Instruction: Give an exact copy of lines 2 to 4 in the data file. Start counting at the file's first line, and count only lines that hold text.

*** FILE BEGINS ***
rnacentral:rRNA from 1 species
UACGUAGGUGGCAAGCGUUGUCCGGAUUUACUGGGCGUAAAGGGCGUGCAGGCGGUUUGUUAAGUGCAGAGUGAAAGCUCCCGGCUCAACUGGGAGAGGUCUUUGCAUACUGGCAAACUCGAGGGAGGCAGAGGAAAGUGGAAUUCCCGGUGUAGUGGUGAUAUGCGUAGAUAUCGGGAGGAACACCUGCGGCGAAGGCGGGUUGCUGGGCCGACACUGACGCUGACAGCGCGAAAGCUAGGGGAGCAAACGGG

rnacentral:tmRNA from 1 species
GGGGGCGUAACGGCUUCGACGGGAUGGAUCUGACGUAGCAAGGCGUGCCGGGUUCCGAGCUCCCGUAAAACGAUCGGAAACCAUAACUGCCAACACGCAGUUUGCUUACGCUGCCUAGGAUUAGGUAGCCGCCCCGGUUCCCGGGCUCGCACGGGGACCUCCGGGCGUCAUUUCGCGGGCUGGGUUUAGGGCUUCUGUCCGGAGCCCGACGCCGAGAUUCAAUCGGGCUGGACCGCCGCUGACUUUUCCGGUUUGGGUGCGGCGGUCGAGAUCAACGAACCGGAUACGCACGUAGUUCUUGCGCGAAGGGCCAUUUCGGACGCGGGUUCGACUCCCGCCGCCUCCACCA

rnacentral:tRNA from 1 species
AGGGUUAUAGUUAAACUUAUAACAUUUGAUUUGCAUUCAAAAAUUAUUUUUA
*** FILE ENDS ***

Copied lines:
UACGUAGGUGGCAAGCGUUGUCCGGAUUUACUGGGCGUAAAGGGCGUGCAGGCGGUUUGUUAAGUGCAGAGUGAAAGCUCCCGGCUCAACUGGGAGAGGUCUUUGCAUACUGGCAAACUCGAGGGAGGCAGAGGAAAGUGGAAUUCCCGGUGUAGUGGUGAUAUGCGUAGAUAUCGGGAGGAACACCUGCGGCGAAGGCGGGUUGCUGGGCCGACACUGACGCUGACAGCGCGAAAGCUAGGGGAGCAAACGGG

rnacentral:tmRNA from 1 species
GGGGGCGUAACGGCUUCGACGGGAUGGAUCUGACGUAGCAAGGCGUGCCGGGUUCCGAGCUCCCGUAAAACGAUCGGAAACCAUAACUGCCAACACGCAGUUUGCUUACGCUGCCUAGGAUUAGGUAGCCGCCCCGGUUCCCGGGCUCGCACGGGGACCUCCGGGCGUCAUUUCGCGGGCUGGGUUUAGGGCUUCUGUCCGGAGCCCGACGCCGAGAUUCAAUCGGGCUGGACCGCCGCUGACUUUUCCGGUUUGGGUGCGGCGGUCGAGAUCAACGAACCGGAUACGCACGUAGUUCUUGCGCGAAGGGCCAUUUCGGACGCGGGUUCGACUCCCGCCGCCUCCACCA